Where to even begin with Silence.
Martin Scorsese is my favorite filmmaker. The Departed is a masterwork that served as mine and countless other’s introduction into the world of cinema. To survey the diverse array of films Scorsese has made is to attend film school: to learn how to read a visual story, to realize that every frame has meaning and is communicating something and that, when done expertly, the experience of a film can be profound. It’s to learn the ID of Scorsese: the themes he’s preoccupied with, the ideals he’s interested in exploring. Faith is one of those ideas. The Last Temptation of Christ is likely his masterpiece, a film about Jesus Christ, a legend treated as more than man, and it tests his faith and what his martyrdom means on a human level. Silence is about an ordinary human, not the son of God, facing a similar test of faith. When Scorsese tells this story about a real man in the real world, the grim realities of slavish devotion to faith and dogmatic thinking are exposed for the true devastation they wreak. Faith and morality are not so easily reconciled together.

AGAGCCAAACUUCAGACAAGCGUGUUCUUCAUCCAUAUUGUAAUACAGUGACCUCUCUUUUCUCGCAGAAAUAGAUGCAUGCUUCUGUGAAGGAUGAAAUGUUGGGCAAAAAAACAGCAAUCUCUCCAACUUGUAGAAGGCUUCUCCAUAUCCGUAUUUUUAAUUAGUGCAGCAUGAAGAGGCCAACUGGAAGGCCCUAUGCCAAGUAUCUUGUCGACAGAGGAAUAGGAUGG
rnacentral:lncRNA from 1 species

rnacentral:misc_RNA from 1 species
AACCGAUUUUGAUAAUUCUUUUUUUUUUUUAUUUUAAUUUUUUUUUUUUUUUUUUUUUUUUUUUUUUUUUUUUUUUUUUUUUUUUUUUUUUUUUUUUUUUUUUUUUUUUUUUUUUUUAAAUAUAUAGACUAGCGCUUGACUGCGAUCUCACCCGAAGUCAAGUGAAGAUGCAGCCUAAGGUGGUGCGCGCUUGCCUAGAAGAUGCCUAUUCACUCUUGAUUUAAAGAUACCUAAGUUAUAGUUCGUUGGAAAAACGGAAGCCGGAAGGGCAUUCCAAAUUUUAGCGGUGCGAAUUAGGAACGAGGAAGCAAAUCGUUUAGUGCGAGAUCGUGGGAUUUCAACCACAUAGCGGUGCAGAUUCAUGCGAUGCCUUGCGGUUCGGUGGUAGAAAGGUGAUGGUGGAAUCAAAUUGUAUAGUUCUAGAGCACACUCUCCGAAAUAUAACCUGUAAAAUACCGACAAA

Silence is literally a film about a white savior: Andrew Garfield and Adam Driver portray missionaries who go to Japan to spread and strengthen their religion, and also find a lost priest, Father Ferreira (Liam Neeson). But it is not a careless white savior film, this is not simply a repetition of a problematic trope. It is an examination and subversion of that trope: it recognizes the hypocrisies of Garfield’s priest and the pain his mission brings to the people he claims to want to save. Multiple times Japanese characters remind him that, had he or Christianity never come to Japan, none of this violence would be happening. He fashions trinkets, small representations of Christianity that he passes out to the Japanese villagers, and explains in narration his worry that they’re more taken with those physical tokens than with actual faith. He then goes on to state that he even had to give up his rosary beads, and he says it without awareness of the irony. He constantly condescends towards and loathes Kichijiro, one of the best characters in film all year, a Judas figure in the story played with crazed, sometimes comic intensity by Yosuke Kubozuka, tragically trapped in a Sisyphean cycle. Kichijiro continuously betrays Garfield and the village but always returns to confess. Garfield fumes that the man doesn’t even deserved to be called evil, but fails to recognize that, for all his faults, he continuously puts himself in danger to return to the faith.